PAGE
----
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Nursing a mother and her infant with a humane approach

Prathibha Parameswaran

Ambika's case may seem to be a solitary one, but it reflects the problem of a large number of wandering mentally ill women. Ambika's might seem to be a solitary case, but it reflects the problem of a large number of wandering mentally ill women.



CARE NEEDED: Ambika with her new-born child. — Photo: M. Moorthy

TIRUCHI: With her cognitive functions overshadowed by her mental illness, G. Ambika, a 45-year-old woman, could hardly recognise her own newborn daughter.

It takes much coaxing and cajoling on the part of her attenders to get her to nurse the baby. It is left to the four volunteers of `Anbalayam,' a non-governmental organisation that runs a home for the mentally ill at Gundur near Tiruchi, to take turns to feed and keep the baby clean.

Ambika's might seem to be a solitary case, but it reflects the problem of a large number of wandering mentally ill women, who are being subject to exploitation.

The peripatetic lifestyle and their mental illness, both make them more vulnerable to physical and sexual abuse by strangers.

Ambika had taken to the streets after her husband's death, a decade ago and has since been found wandering near the Vennar River at Thanjavur. Though there were a few attempts at rehabilitation with her relatives at Ayyampettai, they were met with refusal. Ambika reveals that she also has an elder daughter, Lakshmi, about 20 years of age at home.

It was not until recently that an anganwadi worker, Padma, a regular visitor in the area spotted a pregnant Ambika near the river and fed her before turning to the help of a voluntary agency in Thanjavur. She came to Anbalayam, with her child, a week back. She has been diagnosed with schizophrenia and remains under psychiatric treatment. Though she could largely be persuaded to feed the child, sometimes she resorts to violence, trying to slap or claw the infant.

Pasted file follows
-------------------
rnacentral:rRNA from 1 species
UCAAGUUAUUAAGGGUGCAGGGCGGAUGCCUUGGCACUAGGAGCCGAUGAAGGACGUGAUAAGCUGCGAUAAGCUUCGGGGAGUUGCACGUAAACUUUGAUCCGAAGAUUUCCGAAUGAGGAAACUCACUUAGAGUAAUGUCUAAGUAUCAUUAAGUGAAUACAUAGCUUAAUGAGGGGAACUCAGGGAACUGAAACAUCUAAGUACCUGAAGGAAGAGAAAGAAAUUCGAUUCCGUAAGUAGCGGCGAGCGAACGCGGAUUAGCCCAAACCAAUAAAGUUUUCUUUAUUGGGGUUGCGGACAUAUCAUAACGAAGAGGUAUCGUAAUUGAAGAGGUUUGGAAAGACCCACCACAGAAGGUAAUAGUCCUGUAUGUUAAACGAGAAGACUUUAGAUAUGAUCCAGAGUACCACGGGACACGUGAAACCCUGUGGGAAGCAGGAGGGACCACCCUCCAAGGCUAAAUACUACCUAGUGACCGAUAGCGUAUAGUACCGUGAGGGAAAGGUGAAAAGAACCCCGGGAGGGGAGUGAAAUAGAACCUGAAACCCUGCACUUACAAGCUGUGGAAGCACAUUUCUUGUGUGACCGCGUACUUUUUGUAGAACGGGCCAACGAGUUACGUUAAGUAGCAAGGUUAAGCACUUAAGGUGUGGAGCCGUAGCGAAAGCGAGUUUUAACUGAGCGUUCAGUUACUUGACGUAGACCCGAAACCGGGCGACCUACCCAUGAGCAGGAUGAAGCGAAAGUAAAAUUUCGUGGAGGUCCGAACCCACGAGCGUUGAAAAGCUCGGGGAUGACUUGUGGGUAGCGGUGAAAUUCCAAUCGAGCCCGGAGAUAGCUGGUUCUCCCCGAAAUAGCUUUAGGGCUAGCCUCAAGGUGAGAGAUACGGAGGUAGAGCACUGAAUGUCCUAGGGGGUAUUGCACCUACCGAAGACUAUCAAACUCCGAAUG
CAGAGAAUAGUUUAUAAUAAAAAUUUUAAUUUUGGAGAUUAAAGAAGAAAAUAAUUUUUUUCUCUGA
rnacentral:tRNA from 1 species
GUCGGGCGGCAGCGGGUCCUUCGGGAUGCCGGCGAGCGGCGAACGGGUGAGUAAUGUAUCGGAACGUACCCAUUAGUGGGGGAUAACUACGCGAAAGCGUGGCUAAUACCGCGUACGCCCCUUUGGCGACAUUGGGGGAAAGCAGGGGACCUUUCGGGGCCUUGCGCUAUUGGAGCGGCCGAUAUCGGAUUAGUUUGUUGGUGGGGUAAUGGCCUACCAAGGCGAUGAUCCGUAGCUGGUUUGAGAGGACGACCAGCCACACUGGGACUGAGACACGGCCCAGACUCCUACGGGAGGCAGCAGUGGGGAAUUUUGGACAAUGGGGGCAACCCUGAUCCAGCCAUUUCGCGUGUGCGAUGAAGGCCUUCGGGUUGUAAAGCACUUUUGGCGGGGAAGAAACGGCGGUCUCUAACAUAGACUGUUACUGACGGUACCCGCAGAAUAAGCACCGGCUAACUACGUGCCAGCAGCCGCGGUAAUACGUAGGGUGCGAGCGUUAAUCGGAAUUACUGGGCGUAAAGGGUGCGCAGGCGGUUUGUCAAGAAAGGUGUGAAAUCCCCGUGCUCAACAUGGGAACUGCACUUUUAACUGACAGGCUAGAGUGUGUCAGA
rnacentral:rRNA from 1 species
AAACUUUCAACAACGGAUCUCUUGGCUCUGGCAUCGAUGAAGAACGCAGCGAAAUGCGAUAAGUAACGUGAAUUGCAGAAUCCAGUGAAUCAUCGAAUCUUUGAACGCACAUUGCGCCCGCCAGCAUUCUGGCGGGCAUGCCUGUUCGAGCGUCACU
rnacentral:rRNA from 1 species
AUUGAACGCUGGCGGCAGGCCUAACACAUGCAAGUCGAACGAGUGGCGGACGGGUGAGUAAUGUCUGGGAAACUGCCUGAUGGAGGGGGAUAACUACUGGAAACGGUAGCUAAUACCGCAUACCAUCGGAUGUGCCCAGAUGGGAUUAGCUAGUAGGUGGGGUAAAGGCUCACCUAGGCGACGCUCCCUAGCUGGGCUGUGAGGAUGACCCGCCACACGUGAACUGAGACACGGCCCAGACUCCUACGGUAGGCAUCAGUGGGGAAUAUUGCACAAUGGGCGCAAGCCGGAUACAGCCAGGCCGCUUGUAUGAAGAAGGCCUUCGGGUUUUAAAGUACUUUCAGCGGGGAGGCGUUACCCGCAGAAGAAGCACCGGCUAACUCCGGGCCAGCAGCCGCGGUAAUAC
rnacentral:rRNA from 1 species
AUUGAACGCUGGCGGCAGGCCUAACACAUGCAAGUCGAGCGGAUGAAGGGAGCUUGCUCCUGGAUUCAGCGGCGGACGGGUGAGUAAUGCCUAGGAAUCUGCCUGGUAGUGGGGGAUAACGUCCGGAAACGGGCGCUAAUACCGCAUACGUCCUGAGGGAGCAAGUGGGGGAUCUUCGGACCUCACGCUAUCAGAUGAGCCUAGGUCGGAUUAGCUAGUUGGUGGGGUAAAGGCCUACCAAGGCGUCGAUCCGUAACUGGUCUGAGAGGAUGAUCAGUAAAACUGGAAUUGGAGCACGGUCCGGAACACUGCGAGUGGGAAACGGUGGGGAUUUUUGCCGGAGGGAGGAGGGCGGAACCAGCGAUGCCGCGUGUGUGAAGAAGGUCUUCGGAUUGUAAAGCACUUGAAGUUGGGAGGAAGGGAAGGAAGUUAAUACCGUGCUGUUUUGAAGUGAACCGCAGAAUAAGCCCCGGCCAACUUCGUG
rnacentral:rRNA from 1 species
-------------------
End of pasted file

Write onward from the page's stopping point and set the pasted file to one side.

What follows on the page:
"If this could happen to a forty year old woman, there are much younger women roaming the streets with mental illness," points out T.K.S. Senthil Kumar, founder of Anbalayam.

Police, public turn a

blind eye

Police turn a blind eye to the mentally ill patients and the public too shy away from informing any voluntary agency, which are responsible for such instances, he says.

Despite her being found on the streets for about 10 years now, efforts to rehabilitate her had been minimal. "Panchayat presidents could take up the initiative and report such cases to the police or any voluntary institutions," suggests, Mr. Senthil.

He holds the view that the family members too had to be penalised along with the offender for the lack of sensitivity meted out to a mentally ill woman.

Even as the government and voluntary organisations were pushing for creating awareness about safer sexual intercourses, none of the protective measures had been taken in the case of Ambika.

Besides this, no efforts have been taken to trace the offender or register a case on her behalf.

Efforts are on at Anbalayam now to rehabilitate Ambika, while the child will be gradually handed over for adoption.

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